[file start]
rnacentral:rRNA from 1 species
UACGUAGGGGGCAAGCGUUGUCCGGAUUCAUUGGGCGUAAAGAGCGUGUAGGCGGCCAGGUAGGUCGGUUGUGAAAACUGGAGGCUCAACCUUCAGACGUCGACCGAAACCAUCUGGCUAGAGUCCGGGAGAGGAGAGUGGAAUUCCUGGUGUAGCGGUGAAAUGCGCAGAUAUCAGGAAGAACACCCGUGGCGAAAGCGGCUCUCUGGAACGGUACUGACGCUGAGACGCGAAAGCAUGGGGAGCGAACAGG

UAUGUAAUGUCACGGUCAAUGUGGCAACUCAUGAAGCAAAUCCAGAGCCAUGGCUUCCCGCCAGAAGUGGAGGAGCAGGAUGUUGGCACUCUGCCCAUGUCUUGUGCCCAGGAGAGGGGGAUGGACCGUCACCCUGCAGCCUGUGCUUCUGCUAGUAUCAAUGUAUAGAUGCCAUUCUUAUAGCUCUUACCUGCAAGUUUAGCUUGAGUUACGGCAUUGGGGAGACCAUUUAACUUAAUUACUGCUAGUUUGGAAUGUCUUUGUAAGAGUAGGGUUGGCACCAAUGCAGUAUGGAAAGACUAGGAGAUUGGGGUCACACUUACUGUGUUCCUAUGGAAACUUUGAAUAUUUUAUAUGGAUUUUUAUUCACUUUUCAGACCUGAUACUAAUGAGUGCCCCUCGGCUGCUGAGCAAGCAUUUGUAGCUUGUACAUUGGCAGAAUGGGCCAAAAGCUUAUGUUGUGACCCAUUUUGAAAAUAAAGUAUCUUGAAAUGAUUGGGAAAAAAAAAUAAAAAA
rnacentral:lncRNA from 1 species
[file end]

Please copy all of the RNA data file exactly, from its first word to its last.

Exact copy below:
rnacentral:rRNA from 1 species
UACGUAGGGGGCAAGCGUUGUCCGGAUUCAUUGGGCGUAAAGAGCGUGUAGGCGGCCAGGUAGGUCGGUUGUGAAAACUGGAGGCUCAACCUUCAGACGUCGACCGAAACCAUCUGGCUAGAGUCCGGGAGAGGAGAGUGGAAUUCCUGGUGUAGCGGUGAAAUGCGCAGAUAUCAGGAAGAACACCCGUGGCGAAAGCGGCUCUCUGGAACGGUACUGACGCUGAGACGCGAAAGCAUGGGGAGCGAACAGG

UAUGUAAUGUCACGGUCAAUGUGGCAACUCAUGAAGCAAAUCCAGAGCCAUGGCUUCCCGCCAGAAGUGGAGGAGCAGGAUGUUGGCACUCUGCCCAUGUCUUGUGCCCAGGAGAGGGGGAUGGACCGUCACCCUGCAGCCUGUGCUUCUGCUAGUAUCAAUGUAUAGAUGCCAUUCUUAUAGCUCUUACCUGCAAGUUUAGCUUGAGUUACGGCAUUGGGGAGACCAUUUAACUUAAUUACUGCUAGUUUGGAAUGUCUUUGUAAGAGUAGGGUUGGCACCAAUGCAGUAUGGAAAGACUAGGAGAUUGGGGUCACACUUACUGUGUUCCUAUGGAAACUUUGAAUAUUUUAUAUGGAUUUUUAUUCACUUUUCAGACCUGAUACUAAUGAGUGCCCCUCGGCUGCUGAGCAAGCAUUUGUAGCUUGUACAUUGGCAGAAUGGGCCAAAAGCUUAUGUUGUGACCCAUUUUGAAAAUAAAGUAUCUUGAAAUGAUUGGGAAAAAAAAAUAAAAAA
rnacentral:lncRNA from 1 species